- THE LOVERS OF THE BAY OF ARCACHON
It's a cocoon in the shape of a triangle measuring some twenty kilometers. On this tiny patch of earth we find an astonishing variety of landscapes, activities and extraordinary characters. Widely known, of a beauty that sometimes seems unreal, the Bay of Arcachon still holds many secrets. We set out to meet some passionate people, way off the beaten tracks and a far cry from the stories that have already been told a thousand times.
The Pyla dune, scaled by thousands of visitors, is the icon of the bay, but beneath its sands archaeologists are discovering archaeological remains of major importance. Deep under water, divers take us to visit the sunken remains of the blockhouses of the third Reich, while aboard a microlight, a photographer tells us the story of the bay that he admires every day. From a bird's eye view the landscapes are stunning as we fly over practically virgin nature. Each of these people fights for the Bay in his own way, each one tells his story with fervor.
- THE SEINE ESTUARY
The Seine Estuary: a place that is paradoxical and full of surprising images. In the coastal countryside between Le Havre and Rouen, industry and commerce rub shoulders pretty well with nature and historical heritage. Here you can see rare birds in the shadows of factory chimneys or cows watching cargo ships sail by, barges and small trawlers passing giant liners, a container ship used as basis for a monumental work of art and even cattle that drink cider! And all in a light that inspired the Impressionists to create some of their most famous works.
- VANUATU, PARADISE IN DANGER
Vanuatu. A tiny patch of earth lost in the middle of Oceania. This archipelago of 80 paradisiacal islands has long remained far apart from our world and has succeeded in preciously guarding its secrets. It’s a veritable Eden, living to the rhythm of its erupting volcanoes, its coral sands lapped by the waves and its inhabitants, fierce guardians of a tradition, “the custom”, that is steeped in magic, witchcraft and even cannibalism. However, fresh siren voices are calling. Those of tourism and modernity. At the capital, Port-Vila, cruise liners sail alongside traditional craft. Property developers have their greedy eyes on the sacred lands of the archipelago. And it’s only a short while since the children of Vanuatu have had to go to school. This is the story of a virgin land suddenly opening up to the world. How is this archipelago in the South Pacific managing its entry into the 21st century? Pascal, the French explorer, Marcel, a future clan chief, Sylvain, the volcanologist, Hilary, the Green mermaid battling global warming, Loïc, the property developer and Mark, the flying doctor… We follow these six key characters at the heart of the “big bang” Made in Vanuatu.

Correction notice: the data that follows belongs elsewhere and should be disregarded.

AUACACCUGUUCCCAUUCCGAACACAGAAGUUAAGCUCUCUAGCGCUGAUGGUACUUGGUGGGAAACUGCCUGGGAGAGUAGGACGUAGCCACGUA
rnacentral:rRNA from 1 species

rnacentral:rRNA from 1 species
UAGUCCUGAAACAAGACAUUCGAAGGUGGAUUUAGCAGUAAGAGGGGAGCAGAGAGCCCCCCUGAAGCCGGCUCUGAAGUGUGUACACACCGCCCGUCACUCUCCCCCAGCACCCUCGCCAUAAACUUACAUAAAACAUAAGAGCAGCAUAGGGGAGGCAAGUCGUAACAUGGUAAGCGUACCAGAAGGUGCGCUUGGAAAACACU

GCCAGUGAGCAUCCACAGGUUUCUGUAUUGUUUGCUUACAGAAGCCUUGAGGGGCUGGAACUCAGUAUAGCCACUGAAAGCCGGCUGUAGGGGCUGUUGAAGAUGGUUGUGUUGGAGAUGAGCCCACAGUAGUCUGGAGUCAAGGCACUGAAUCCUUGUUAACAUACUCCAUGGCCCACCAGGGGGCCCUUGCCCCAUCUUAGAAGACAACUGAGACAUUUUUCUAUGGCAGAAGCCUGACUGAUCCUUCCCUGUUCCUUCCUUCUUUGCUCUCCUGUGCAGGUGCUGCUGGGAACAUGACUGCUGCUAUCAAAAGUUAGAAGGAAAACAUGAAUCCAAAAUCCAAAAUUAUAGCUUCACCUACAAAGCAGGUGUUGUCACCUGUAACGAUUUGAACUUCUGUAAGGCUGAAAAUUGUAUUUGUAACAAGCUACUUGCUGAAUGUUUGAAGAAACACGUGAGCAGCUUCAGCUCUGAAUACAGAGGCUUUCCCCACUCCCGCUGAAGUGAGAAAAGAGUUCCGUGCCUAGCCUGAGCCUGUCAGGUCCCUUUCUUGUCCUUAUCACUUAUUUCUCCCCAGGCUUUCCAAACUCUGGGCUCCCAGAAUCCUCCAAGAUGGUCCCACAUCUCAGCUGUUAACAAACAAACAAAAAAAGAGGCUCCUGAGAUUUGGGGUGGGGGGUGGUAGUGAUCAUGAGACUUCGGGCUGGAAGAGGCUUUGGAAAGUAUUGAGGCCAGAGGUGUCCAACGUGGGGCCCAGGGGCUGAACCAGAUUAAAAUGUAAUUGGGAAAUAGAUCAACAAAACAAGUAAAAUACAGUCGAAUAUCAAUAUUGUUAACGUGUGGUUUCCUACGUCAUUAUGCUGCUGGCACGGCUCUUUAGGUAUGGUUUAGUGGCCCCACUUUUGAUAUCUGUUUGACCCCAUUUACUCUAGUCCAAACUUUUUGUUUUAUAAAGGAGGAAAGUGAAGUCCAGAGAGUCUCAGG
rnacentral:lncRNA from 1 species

- THE HERMIONE ADVENTURE
On April 18 2015, nearly 80 enthusiasts set out to sea from Rochefort aboard the Hermione bound for the United States of America. It’s a very special inaugural voyage because it has taken 20 years to build the exact replica of the frigate that carried Lafayette to America in 1780. In the heart of the action we follow these volunteers: sailors and enthusiasts ready to take up the challenge that reflects the splendid excess of their passion for the sea, heritage and history.
- KEEPERS OF OUR LIGHTHOUSES
Often constructed on deadly reefs, built by courageous men in the face of raging seas and howling winds, lighthouses are both watchmen and landmarks for sailors all around the world. They also represent a heritage that is much appreciated by the French, who arrive every year in increasing numbers to climb the countless steps leading up to the lantern of salvation. This journey will take us from “Paradise”, lighthouses built on land, to “Hell”, lighthouses on the high seas, by way of “Purgatory”, lighthouses on islands.
- THE BASQUE COUNTRY, THE NEW WAVE
The Basque Country is a land with personality; the power of the ocean is its identity. From Bayonne to Bilbao, when the wind blows and the ocean rages, waves can reach a gigantic size. Grégory, photographer of the extreme, has made it his playground. Xabi, a marine carpenter, set himself the insane challenge of reconstructing a 16th century whaling ship in which he planned to cross the Atlantic: the San Juan is the project of a lifetime, a pride shared with an entire people. Xabi, Greg, Alice, Béatrice and others are all the faithful heirs to a strong Basque maritime tradition and the bearers of fresh challenges and adventures. They are the new Basque power.
Directors : Herlé Jouon, Antoine Laura, Gil Kebaili, Laila Agorram, Héléna Modotti, Camille Robert, Jacques Plaisant, Philippe Lespinasse, François Guillaume, Jean-Thomas Ceccaldi, Stéphane Jacques, Claire Leisink
Producers : Antipode / Grand Angle Productions & Archipel production / Tournez S'il Vous Paît
Co-producers : France Télévisions
Duration : 11 episodes • 1x110' & 2x52'
Format : HD